One of the country's largest unions paid a nearly $17,000 settlement to a New York mechanic who alleged labor leaders illegally threatened him for refusing to join their union.
Remmington Duk filed charges in January alleging that union bosses at the International Association of Machinists and Aerospace Workers told him he would be fired by his employer, the Buffalo-area Robert Basil Buick GMC dealership, if he did not sign up for the union. He refused to join and says he was fired five days after receiving the threat. While the union denied the allegations, it agreed to pay Duk $16,916 in a March settlement at the National Labor Relations Board.
Private-sector employees can be forced to pay union dues for collective bargaining as a condition of employment in New York because it is not a right-to-work state. But employees can opt out of union membership to avoid paying full union dues that fund political activity. The International Association of Machinists spent nearly $600,000 on the 2020 election, with 96 percent of the funds going toward Democratic candidates. It also spent $3 million on lobbying in 2020.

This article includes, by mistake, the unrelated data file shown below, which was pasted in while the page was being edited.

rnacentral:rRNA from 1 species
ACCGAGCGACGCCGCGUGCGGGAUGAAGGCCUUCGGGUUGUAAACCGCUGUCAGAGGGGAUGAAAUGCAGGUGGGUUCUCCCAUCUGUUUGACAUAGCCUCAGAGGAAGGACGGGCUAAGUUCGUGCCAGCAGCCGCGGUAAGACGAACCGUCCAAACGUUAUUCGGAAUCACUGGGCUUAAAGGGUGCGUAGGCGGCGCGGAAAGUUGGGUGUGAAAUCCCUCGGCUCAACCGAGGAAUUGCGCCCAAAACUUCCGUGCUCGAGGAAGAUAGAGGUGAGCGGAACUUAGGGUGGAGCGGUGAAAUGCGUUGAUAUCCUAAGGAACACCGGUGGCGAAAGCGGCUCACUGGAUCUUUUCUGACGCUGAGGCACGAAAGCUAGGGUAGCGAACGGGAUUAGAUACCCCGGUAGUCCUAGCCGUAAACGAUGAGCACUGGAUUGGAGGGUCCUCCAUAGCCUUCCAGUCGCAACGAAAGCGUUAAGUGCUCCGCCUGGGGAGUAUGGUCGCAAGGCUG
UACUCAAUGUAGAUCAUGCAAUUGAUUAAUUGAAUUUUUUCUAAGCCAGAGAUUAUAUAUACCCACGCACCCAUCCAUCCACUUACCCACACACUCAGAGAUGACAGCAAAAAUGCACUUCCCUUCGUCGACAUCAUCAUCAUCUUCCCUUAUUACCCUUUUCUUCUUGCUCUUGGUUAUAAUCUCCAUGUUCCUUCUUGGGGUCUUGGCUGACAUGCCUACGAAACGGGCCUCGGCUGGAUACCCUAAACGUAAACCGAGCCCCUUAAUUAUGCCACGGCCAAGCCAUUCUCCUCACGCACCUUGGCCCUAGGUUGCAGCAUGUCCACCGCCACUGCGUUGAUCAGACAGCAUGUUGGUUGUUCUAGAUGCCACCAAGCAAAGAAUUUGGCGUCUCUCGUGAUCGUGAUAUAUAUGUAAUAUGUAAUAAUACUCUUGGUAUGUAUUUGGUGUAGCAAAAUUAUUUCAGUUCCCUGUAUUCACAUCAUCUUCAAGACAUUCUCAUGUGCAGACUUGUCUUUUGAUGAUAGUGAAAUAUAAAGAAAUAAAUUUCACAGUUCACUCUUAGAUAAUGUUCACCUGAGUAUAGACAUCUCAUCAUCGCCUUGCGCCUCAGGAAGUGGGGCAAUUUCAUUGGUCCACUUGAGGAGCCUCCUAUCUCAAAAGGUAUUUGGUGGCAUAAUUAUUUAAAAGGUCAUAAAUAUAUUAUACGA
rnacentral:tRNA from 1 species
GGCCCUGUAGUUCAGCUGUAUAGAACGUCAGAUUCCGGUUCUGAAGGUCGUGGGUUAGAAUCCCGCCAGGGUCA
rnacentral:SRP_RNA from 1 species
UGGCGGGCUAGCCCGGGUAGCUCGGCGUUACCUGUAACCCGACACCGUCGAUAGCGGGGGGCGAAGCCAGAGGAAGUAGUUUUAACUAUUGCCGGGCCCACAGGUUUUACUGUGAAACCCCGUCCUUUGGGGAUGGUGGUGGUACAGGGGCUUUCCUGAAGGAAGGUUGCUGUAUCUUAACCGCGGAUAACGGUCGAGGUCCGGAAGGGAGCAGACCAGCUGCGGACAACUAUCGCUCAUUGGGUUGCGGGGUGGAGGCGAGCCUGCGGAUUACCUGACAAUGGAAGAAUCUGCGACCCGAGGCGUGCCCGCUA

As union membership nationwide declines, labor groups have tried to find creative ways to maintain financial and political power. Many unions enforce a "window period" that only allows workers to opt out of full membership during a specific time period every year. The Small Business Administration in 2020 distributed more than $36 million in pandemic relief loans to unions that were ineligible to receive the Paycheck Protection Program funds.
Mark Mix, president of the National Right to Work Foundation, which represents Duk, said his story is an example of why New York needs to become a right-to-work state.
"Mr. Duk was brave to stand up to the union's unlawful threats even though it meant losing his job, but his case highlights how workers less knowledgeable of their legal rights are susceptible to blatantly illegal tactics from power hungry union bosses," Mix said.